I regret not staying in touch with my chums from years ago – garde school, hgih school and so on. I hear there some websites that can help you find old friends but I haven’t yet tried one. Maybe I am worried that I’ll be rejected. I know you can’t go home, as the old saying goes, but still it would be fun to do a little catching up and get on eachother’s Christmas card list.
GeorgiaBoy's Life List
I am a 43-yr. old male, and have never been sufficiently angry about anything to consider being an activist. But the past couple of years have changed that. I was laid-off after the 9-11 attacks and was unable to find new work in my industry. I started to investigate other professions and quickly got an education of a most unfortunate sort.
I looked at the following professions as potential new fields:
1. The military 2. law enforcement 3. firefighting/paramedic 4. government service – e.g. CIA, FBI, National Park Service, etc. 5. The trades – such as electrician, heavy equipment operator, etc.
All of the fields listed employ middle-aged people, but most place strict limits on entry for employees after age 35. YOu may not join the military if you are over 35 (for active duty) or 39 (a recent rules change upped this age from 35) for reserve duty in the ARNG or USAR. You may not join any of these professions as a newcomer after age 35, or if you can, you are denied the chance of pension benefits extended to younger employees. The military, for example, might waive me in for special skills – such as being a doctor or nurse – but at my age, I would be forced to waive retirement.
I am angered not only because these organizations are losing out on some of the most talented people in our society, but because these rules make so little sense scientifically or morally. An individual who has cared well for himself may be at age 40 or 50 in better shape than he was at 25 or 30. It goes without saying that a 40 yr. old has vastly more life experience and has had more time to develop his or her intellectual skills than a younger counterpart.
It is time for this system to be challenged. I for one do not plan to spend my 60s and 70s flipping burgers down at the local drive-in fast food place. Life doesn’t end at 30 or 40 or beyond. Our culture is ridiculously youth-oriented, and it has damaging consequences we’ve ignored for too long.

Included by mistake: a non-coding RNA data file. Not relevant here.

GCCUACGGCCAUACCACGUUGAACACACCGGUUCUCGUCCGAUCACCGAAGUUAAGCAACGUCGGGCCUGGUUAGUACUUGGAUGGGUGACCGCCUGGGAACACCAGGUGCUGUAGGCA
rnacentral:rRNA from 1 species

I’ve since retrained and have employment, but the frustration and outrage are still there. Anyone else in the same circumstances? If so – please let me know! I’m ready to start mobilizing for change!
I am a 43 year old man, and while I am in good shape, learning a martial art will be challenging. I did some Judo while in college, but don’t know if I want to go back to that. I am not as flexible as I used to be so that is an area of fitness which needs improvement. I also don’t know which style is most suited to my build – 5’10” and 200 lbs. (short and kind of stocky). My wife and I did karate for a while but dropped out when the sensai let us know in no uncertain terms that he considered adult students a distraction from his bread-and-butter, teaching youth and adolescents. On the plus side, I know it can be done even at my age, as my older brother got his karate black belt in his 40s. I’d join his group but he belongs to an out-of-state dojo in Arizona. So – I’ll have to find another one myself. I want to train for fitness, self-defense and also improved confidence and self-image. I used to be a fiery young guy and I hope that a martial art will relight that flame. Wish me luck, as it is sure to be plenty of work. Finding a good organziation will be tough, as there are a lot of fly-by-night outfits around promising instant results. Gotta separate the ‘wheat from the chaff,’ as the old saying goes…